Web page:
by Michael Kelberer
I intend that this writing benefit all beings.
I’ve been thinking a lot lately about the lack of an overtly spiritual practice in my life. I’ve gone through quite a few in my six plus decades: Catholicism, sect-less Christianity, shamanism, Buddhism (although this mainly involved reading about Buddhism, not practicing it). And here I am still seeking.
I thought mindfulness might be just the ticket, and meditation would be The Answer. No canon of beliefs, no antique rituals, just “connection.” After two and a half years though, I can still feel the spiritual hole.
I recently read an article in Lions Roar (May 2018) with the title “Through this merit, may all beings awaken.” It was about a Buddhist practice whereby, when you finish your practice, whether it be meditation, yoga or praying, you dedicate any “merit” (goodness or value) you have gained from that practice to the benefit of all beings. This, says Lama Palden Drolma, “expands our meditation beyond ourselves.”
“Expanding beyond ourselves.” It seems like that is a common thread in human kind’s search for spiritual meaning. And a definition that works for me. At face value, meditation appears to be self-centered and isolating, but those who practice know that it profoundly influences one’s relationship with the world. Lama Drolma’s guidance takes this further, encouraging us to feel part of the greater world. Adding a spiritual thread to our practices is the act of connecting to a sense of the greater good itself.
Lama Drolma says that when she first started this practice, “I immediately noticed a big shift in my meditation. It felt like my whole practice opened up and become more effortless. It wasn’t just about me anymore.”
While it is fine to make the dedication to any group of beings, she suggests making the group as large as possible, by including “humans, animals, and any and all sentient beings – maybe even alien life forms – in our practice. This expands our consciousness to the unbound vastness.”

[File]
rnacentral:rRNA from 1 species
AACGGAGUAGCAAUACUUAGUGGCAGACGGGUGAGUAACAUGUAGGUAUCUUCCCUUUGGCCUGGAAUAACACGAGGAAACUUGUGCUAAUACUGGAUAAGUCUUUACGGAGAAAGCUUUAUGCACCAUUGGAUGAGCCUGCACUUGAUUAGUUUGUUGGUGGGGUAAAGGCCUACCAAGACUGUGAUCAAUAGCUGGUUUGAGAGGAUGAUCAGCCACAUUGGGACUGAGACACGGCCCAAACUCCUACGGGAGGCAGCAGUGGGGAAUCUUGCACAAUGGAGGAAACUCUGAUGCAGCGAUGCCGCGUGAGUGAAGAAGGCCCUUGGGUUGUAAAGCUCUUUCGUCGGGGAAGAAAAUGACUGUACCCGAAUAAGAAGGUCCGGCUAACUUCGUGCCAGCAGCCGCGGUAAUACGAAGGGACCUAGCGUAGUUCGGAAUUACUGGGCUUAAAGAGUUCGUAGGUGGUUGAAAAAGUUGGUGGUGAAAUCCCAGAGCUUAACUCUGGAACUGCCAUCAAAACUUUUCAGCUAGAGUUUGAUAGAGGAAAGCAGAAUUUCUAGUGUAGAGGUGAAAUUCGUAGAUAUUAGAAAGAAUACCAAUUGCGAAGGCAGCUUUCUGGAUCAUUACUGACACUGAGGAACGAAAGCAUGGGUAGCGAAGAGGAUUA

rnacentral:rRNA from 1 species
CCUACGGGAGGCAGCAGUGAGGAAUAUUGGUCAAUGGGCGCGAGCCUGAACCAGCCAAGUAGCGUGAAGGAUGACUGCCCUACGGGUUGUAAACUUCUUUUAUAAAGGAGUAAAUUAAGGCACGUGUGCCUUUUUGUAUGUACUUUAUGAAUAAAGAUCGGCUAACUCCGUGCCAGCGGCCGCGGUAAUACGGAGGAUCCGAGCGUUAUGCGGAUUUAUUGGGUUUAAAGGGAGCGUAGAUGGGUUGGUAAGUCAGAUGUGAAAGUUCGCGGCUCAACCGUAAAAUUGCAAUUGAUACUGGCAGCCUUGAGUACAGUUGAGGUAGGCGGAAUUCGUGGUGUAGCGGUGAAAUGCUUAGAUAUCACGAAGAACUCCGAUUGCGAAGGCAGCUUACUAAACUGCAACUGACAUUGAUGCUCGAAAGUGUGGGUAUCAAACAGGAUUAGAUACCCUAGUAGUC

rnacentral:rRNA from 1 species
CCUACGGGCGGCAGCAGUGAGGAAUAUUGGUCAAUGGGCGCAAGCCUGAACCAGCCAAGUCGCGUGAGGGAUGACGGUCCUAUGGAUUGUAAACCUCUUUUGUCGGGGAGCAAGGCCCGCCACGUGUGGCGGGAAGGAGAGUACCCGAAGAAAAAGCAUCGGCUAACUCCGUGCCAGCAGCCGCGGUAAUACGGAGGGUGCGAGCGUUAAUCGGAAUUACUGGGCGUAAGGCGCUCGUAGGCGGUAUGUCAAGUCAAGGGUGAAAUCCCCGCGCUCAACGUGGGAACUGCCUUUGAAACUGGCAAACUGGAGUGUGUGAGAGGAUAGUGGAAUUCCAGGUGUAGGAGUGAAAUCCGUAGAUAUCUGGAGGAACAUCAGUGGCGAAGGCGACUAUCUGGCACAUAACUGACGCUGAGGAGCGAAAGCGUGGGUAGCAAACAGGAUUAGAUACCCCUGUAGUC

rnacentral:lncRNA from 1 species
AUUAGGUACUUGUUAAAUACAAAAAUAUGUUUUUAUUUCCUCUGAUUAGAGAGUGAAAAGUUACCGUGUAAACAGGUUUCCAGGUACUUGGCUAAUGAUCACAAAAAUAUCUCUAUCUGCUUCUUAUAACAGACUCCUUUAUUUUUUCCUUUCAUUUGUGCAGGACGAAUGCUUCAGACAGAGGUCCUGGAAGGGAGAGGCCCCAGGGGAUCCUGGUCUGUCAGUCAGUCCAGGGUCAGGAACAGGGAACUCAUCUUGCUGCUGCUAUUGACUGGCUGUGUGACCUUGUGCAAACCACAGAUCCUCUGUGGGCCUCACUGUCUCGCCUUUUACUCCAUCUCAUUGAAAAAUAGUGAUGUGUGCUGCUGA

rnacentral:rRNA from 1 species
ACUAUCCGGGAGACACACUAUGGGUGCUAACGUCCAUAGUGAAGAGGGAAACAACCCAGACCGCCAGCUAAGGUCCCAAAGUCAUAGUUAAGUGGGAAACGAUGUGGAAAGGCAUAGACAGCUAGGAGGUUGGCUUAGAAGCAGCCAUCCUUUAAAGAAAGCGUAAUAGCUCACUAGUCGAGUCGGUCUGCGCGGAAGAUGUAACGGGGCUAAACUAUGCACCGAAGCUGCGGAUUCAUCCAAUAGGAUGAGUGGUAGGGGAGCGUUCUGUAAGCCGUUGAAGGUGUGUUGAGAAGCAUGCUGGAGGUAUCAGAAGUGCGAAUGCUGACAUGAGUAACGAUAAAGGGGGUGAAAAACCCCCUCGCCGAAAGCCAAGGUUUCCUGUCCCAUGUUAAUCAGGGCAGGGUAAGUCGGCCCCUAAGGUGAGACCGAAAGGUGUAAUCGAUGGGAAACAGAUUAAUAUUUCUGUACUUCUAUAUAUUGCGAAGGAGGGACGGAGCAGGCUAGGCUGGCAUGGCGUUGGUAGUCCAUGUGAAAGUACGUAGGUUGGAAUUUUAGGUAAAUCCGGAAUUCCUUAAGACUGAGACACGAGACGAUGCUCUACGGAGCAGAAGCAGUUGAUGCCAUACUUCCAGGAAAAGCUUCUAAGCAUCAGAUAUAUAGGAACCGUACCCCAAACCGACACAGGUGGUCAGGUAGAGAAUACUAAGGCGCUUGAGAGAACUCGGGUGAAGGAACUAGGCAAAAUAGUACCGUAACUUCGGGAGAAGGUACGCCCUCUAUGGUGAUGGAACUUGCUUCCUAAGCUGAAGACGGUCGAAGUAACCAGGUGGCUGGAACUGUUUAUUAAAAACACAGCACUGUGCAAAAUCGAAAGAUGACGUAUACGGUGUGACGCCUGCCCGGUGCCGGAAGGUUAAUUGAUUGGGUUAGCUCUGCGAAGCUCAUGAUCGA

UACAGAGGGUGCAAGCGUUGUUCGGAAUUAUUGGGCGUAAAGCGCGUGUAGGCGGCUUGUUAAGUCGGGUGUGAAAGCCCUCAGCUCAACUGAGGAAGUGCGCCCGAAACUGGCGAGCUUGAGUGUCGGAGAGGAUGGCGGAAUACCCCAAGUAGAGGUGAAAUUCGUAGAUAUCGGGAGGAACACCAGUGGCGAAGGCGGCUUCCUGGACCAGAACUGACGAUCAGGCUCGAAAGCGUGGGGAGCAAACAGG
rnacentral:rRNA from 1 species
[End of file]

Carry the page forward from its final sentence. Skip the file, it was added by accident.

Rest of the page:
This also, she adds, has the effect of helping us get beyond any beliefs we might hold about our separateness from other life. “When we dedicate the merit of our meditation to all beings, we are in alignment with the truth [that we are interdependent], and our self-concept expands, even if we don’t immediately notice it.”
So how do we actually do that?
The dedication itself comes at the end of the practice, and in the article Lama Drolma gives several examples from Buddhism. Here is one that fits my more secular spiritual sensibility:
“I dedicate whatever fruits have arisen from my practice to the wellbeing of all living creatures, that they may awaken and be free.”
Lama Drolma also suggests that we can add to this practice by setting a complimentary intention at the start. For example, beginning a meditation session by setting the simple intention of benefiting all beings by virtue of your practice.
She also points out that the acts of setting an intention and making a dedication can bookend not just our formal practices, but really any activity we perform throughout our day. We can do it before and after washing the dishes, cooking a meal, or walking the dog. I like this idea a lot – being not just mindful during the mundane acts of my life, but elevating each into a spiritual practice.
So I’ve made a commitment to try this practice (when I remember!), and am looking forward to seeing if quenches my thirst for an “overtly spiritual practice.”
I dedicate whatever merit has arisen through this writing to the benefit of all beings, that they may awaken and be free.